Tuesday, April 16, 2013

Specialization Training For The Natural Bodybuilder


For a very long period of time I have observed the following - it's pretty hard to see meaningful progress using conventional one body part per week routines. I believe the biggest reason for that is that muscle growth (improvement) requires higher frequency if you are not using synthetic hormones. Does this mean that you should train each body part twice a week

The problem with training each body part twice a week is that you would have to be spending more time in the gym which costs money and time. However since many people "just do it for the fun" I guess the presented reason is not sufficient. 

Imagine that you are trying to play too many sports - soccer, running, basketball, swimming...etc. Obviously you can do all those sports at the same time. You can probably even do them every day. However you won't improve significantly. You may be genetically gifted in one area but that's about it. In order for you to become a good basketball player you can't afford to swim like you are trying to beat Michael Phelps records. Not gonna happen. 


If we take the same principle and apply it to weightlifting you will see why trying to improve all your body parts at the same time can quite often result in failure because the frequency needed for improvement is simply not there. Let's take a look at a classic one body part per week bodybuilding routine:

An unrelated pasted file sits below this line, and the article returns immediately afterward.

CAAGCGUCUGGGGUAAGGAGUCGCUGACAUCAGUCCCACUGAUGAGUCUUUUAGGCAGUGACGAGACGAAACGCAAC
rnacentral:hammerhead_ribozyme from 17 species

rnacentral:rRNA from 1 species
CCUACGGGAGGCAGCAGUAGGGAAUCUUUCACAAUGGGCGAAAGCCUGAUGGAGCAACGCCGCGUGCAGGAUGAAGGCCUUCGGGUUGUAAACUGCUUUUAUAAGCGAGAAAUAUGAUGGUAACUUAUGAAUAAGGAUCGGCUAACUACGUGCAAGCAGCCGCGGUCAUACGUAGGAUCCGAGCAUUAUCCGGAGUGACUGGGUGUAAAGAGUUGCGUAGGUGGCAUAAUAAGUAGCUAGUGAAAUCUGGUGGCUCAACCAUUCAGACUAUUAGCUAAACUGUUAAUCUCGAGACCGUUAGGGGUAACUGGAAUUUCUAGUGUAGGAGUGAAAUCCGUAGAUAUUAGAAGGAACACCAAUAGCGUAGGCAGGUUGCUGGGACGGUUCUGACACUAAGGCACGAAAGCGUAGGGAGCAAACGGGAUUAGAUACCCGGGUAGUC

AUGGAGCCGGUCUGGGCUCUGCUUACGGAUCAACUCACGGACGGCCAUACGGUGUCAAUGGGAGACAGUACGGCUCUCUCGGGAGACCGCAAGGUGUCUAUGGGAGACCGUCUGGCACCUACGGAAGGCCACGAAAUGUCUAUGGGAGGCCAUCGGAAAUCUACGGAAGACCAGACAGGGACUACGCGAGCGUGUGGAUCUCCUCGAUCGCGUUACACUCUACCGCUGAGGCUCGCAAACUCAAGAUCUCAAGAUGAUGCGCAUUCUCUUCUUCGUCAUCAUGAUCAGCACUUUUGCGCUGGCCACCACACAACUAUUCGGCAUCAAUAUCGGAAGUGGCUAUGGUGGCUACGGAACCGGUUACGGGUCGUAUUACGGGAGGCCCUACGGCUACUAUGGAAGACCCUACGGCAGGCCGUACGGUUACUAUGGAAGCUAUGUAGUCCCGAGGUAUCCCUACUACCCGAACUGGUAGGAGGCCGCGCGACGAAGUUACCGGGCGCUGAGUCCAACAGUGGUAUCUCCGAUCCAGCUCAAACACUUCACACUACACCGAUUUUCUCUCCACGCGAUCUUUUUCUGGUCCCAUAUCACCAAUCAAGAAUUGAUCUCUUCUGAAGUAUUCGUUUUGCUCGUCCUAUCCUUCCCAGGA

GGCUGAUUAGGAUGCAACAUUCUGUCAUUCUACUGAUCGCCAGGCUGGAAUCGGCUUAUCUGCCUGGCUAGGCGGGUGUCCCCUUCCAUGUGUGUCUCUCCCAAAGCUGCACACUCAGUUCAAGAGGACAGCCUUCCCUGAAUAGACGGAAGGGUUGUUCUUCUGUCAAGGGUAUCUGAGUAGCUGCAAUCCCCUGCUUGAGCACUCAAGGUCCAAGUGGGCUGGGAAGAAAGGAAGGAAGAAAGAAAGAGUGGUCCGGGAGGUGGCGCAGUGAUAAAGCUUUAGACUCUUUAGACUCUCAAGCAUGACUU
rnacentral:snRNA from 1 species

Day 1: Chest and Back

Bench press - 3x10-12
Incline - 3x10-12
Flies - 3x10-12
Deadlifts - 3x6-8
Pull-ups - 3x10-12
Rows - 3x10-12

Day 2: Shoulders and Arms

Overhead press - 3x10-12
Lateral raises - 3x10-12
Rear delt raises - 3x10-12
Barbell curls - 3x10-12
Triceps extensions - 3x10-12

Day 3: Legs

Squat - 3x10-12
Leg press - 3x10-12
Hamstring curl - 3x10-12
Calve raises - 3x10-12
Seated calve raises - 3x10-12

This is the most generic routine I was able to create. It's not bad routine by any means. It's obviously hard work. The problem here is that it does not allow you to see meaningful progress in short period of time unless you are just starting working out. This is why I recommend that you start using specialization in your workouts if you have been training for more than a year.

What is specialization training?

Specialization is the process of focusing on one specific task and trying to improve. In our case specialization training means that we are going to focus on specific muscle groups instead of trying to see results everywhere. 

How to do it?